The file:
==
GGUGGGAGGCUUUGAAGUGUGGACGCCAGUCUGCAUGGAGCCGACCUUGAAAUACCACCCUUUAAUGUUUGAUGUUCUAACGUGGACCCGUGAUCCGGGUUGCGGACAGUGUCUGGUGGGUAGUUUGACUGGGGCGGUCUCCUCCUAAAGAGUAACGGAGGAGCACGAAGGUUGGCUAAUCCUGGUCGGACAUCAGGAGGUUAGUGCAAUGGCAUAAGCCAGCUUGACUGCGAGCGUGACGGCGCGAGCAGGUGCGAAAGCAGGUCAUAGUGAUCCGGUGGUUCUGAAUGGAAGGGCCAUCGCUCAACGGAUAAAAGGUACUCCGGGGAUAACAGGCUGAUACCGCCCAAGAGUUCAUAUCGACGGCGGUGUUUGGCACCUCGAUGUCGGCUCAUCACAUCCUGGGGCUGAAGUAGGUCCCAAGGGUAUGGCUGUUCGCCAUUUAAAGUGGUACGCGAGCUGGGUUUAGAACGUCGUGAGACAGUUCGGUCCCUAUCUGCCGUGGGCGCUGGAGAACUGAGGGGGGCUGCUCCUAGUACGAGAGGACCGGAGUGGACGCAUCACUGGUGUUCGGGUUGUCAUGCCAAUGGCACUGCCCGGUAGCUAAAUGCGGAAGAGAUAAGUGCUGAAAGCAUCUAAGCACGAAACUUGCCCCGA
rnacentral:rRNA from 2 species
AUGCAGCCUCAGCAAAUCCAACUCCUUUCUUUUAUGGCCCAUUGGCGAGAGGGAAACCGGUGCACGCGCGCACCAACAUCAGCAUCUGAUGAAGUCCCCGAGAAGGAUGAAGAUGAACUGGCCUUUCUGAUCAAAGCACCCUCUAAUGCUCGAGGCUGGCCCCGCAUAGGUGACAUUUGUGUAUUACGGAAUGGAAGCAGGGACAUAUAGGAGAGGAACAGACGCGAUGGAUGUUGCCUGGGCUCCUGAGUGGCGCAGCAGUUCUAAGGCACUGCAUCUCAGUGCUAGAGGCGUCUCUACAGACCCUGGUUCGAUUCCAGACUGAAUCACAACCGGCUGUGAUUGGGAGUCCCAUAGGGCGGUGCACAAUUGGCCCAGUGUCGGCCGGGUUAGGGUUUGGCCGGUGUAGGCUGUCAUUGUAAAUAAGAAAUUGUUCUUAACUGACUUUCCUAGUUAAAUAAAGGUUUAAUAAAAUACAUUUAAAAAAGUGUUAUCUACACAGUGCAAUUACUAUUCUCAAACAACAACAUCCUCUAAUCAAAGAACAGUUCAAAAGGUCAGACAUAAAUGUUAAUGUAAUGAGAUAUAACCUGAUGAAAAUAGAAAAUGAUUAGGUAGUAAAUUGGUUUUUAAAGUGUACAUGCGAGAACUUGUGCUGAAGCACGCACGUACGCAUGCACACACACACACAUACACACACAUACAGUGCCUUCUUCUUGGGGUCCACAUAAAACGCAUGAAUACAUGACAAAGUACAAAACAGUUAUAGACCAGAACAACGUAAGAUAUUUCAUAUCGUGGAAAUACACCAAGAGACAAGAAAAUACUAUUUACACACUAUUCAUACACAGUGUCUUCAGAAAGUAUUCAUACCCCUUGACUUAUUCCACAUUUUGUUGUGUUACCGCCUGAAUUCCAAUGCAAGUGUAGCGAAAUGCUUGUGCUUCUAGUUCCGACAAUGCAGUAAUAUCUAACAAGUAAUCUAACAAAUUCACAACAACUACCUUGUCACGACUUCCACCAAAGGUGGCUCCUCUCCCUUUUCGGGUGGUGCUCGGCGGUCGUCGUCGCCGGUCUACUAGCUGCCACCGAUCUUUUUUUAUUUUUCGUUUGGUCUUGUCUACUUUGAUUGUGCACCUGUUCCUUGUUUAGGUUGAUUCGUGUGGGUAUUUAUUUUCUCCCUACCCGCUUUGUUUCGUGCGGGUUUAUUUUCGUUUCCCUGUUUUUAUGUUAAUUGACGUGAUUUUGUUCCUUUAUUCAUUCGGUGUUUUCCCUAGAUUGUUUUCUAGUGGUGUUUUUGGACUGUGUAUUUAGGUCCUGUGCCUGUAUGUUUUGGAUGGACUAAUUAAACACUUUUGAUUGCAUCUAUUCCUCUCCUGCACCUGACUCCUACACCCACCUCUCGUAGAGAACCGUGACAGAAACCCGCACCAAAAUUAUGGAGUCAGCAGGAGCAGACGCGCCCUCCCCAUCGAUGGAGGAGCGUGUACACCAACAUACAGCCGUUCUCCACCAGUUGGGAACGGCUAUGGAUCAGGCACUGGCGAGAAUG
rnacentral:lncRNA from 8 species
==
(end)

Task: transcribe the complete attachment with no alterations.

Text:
GGUGGGAGGCUUUGAAGUGUGGACGCCAGUCUGCAUGGAGCCGACCUUGAAAUACCACCCUUUAAUGUUUGAUGUUCUAACGUGGACCCGUGAUCCGGGUUGCGGACAGUGUCUGGUGGGUAGUUUGACUGGGGCGGUCUCCUCCUAAAGAGUAACGGAGGAGCACGAAGGUUGGCUAAUCCUGGUCGGACAUCAGGAGGUUAGUGCAAUGGCAUAAGCCAGCUUGACUGCGAGCGUGACGGCGCGAGCAGGUGCGAAAGCAGGUCAUAGUGAUCCGGUGGUUCUGAAUGGAAGGGCCAUCGCUCAACGGAUAAAAGGUACUCCGGGGAUAACAGGCUGAUACCGCCCAAGAGUUCAUAUCGACGGCGGUGUUUGGCACCUCGAUGUCGGCUCAUCACAUCCUGGGGCUGAAGUAGGUCCCAAGGGUAUGGCUGUUCGCCAUUUAAAGUGGUACGCGAGCUGGGUUUAGAACGUCGUGAGACAGUUCGGUCCCUAUCUGCCGUGGGCGCUGGAGAACUGAGGGGGGCUGCUCCUAGUACGAGAGGACCGGAGUGGACGCAUCACUGGUGUUCGGGUUGUCAUGCCAAUGGCACUGCCCGGUAGCUAAAUGCGGAAGAGAUAAGUGCUGAAAGCAUCUAAGCACGAAACUUGCCCCGA
rnacentral:rRNA from 2 species
AUGCAGCCUCAGCAAAUCCAACUCCUUUCUUUUAUGGCCCAUUGGCGAGAGGGAAACCGGUGCACGCGCGCACCAACAUCAGCAUCUGAUGAAGUCCCCGAGAAGGAUGAAGAUGAACUGGCCUUUCUGAUCAAAGCACCCUCUAAUGCUCGAGGCUGGCCCCGCAUAGGUGACAUUUGUGUAUUACGGAAUGGAAGCAGGGACAUAUAGGAGAGGAACAGACGCGAUGGAUGUUGCCUGGGCUCCUGAGUGGCGCAGCAGUUCUAAGGCACUGCAUCUCAGUGCUAGAGGCGUCUCUACAGACCCUGGUUCGAUUCCAGACUGAAUCACAACCGGCUGUGAUUGGGAGUCCCAUAGGGCGGUGCACAAUUGGCCCAGUGUCGGCCGGGUUAGGGUUUGGCCGGUGUAGGCUGUCAUUGUAAAUAAGAAAUUGUUCUUAACUGACUUUCCUAGUUAAAUAAAGGUUUAAUAAAAUACAUUUAAAAAAGUGUUAUCUACACAGUGCAAUUACUAUUCUCAAACAACAACAUCCUCUAAUCAAAGAACAGUUCAAAAGGUCAGACAUAAAUGUUAAUGUAAUGAGAUAUAACCUGAUGAAAAUAGAAAAUGAUUAGGUAGUAAAUUGGUUUUUAAAGUGUACAUGCGAGAACUUGUGCUGAAGCACGCACGUACGCAUGCACACACACACACAUACACACACAUACAGUGCCUUCUUCUUGGGGUCCACAUAAAACGCAUGAAUACAUGACAAAGUACAAAACAGUUAUAGACCAGAACAACGUAAGAUAUUUCAUAUCGUGGAAAUACACCAAGAGACAAGAAAAUACUAUUUACACACUAUUCAUACACAGUGUCUUCAGAAAGUAUUCAUACCCCUUGACUUAUUCCACAUUUUGUUGUGUUACCGCCUGAAUUCCAAUGCAAGUGUAGCGAAAUGCUUGUGCUUCUAGUUCCGACAAUGCAGUAAUAUCUAACAAGUAAUCUAACAAAUUCACAACAACUACCUUGUCACGACUUCCACCAAAGGUGGCUCCUCUCCCUUUUCGGGUGGUGCUCGGCGGUCGUCGUCGCCGGUCUACUAGCUGCCACCGAUCUUUUUUUAUUUUUCGUUUGGUCUUGUCUACUUUGAUUGUGCACCUGUUCCUUGUUUAGGUUGAUUCGUGUGGGUAUUUAUUUUCUCCCUACCCGCUUUGUUUCGUGCGGGUUUAUUUUCGUUUCCCUGUUUUUAUGUUAAUUGACGUGAUUUUGUUCCUUUAUUCAUUCGGUGUUUUCCCUAGAUUGUUUUCUAGUGGUGUUUUUGGACUGUGUAUUUAGGUCCUGUGCCUGUAUGUUUUGGAUGGACUAAUUAAACACUUUUGAUUGCAUCUAUUCCUCUCCUGCACCUGACUCCUACACCCACCUCUCGUAGAGAACCGUGACAGAAACCCGCACCAAAAUUAUGGAGUCAGCAGGAGCAGACGCGCCCUCCCCAUCGAUGGAGGAGCGUGUACACCAACAUACAGCCGUUCUCCACCAGUUGGGAACGGCUAUGGAUCAGGCACUGGCGAGAAUG
rnacentral:lncRNA from 8 species